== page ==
As originally filed, this mark covered classes 9 (Scientific, nautical, surveying, photographic, cinematographic, optical, weighing, measuring, signalling, checking (supervision), life-saving and teaching apparatus and instruments; apparatus and instruments for conducting, switching, transforming, accumulating, regulating or controlling electricity; apparatus for recording, transmission or reproduction of sound or images; magnetic data carriers, recording discs; compact discs, DVDs and other digital recording media; mechanisms for coin-operated apparatus; cash registers, calculating machines, data processing equipment, computers; computer software; fire-extinguishing apparatus), class 12 (motors and engines for land vehicles; couplings and transmission components for land vehicles; and air cushion vehicles) and class 42 (services provided by persons, individually or collectively, in relation to the theoretical and practical aspects of complex fields of activities; such services are provided by members of professions such as chemists, physicists, engineers, computer programmers, etc.).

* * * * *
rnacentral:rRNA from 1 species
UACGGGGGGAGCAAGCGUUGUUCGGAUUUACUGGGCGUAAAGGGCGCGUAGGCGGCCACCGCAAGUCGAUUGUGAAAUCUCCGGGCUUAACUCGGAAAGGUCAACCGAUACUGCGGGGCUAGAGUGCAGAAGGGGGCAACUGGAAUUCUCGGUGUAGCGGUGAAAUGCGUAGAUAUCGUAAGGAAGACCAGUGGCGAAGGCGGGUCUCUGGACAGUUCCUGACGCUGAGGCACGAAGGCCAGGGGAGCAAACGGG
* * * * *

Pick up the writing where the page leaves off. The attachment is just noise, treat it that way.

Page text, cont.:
The trademark applications were filed through the Madrid Protocol where, among other countries, Israel was specified . In response to Robert Bosch LTD filed a detailed opposition to the registrations in classes 9, 12 and 42. The Applicant did not file a counter-statement.

Consequently, according to a ruling published on 12 January 2015, these marks were considered successfully opposed in classes 9, 12 and 42 by Robert Bosch LTD and the registrations were amended accordingly. Robert Bosch then requested costs of 3208 Shekels in fees and 2200 Euros in lawyer’s fees.

Ms Shoshani Caspi  ruled that in general, the losing party should bear costs. In this case, however, the request for costs was not sufficiently detailed for the adjudicator to decide that they were reasonable, justified and proportional. The case was closed early on after the Opposers filed their detailed statement of case but did not have to respond to arguments.  Then again, the applicant failed to note that the applications were being abandoned. In conclusion, Ms Shoshani Caspi ruled fees + 4000 Shekels.

COMMENTS

Presumably, Bosch’s representatives informed them of the Bosco marks, received instructions to oppose, filed two oppositions with detailed statement of cases, monitored for responses, reported the successful opposition and requested costs.  Even if the request for costs was insufficiently detailed, I don’t think that 4000 Shekels costs is very much for this amount of work.


Follow

Get every new post delivered to your Inbox.

Join 470 other followers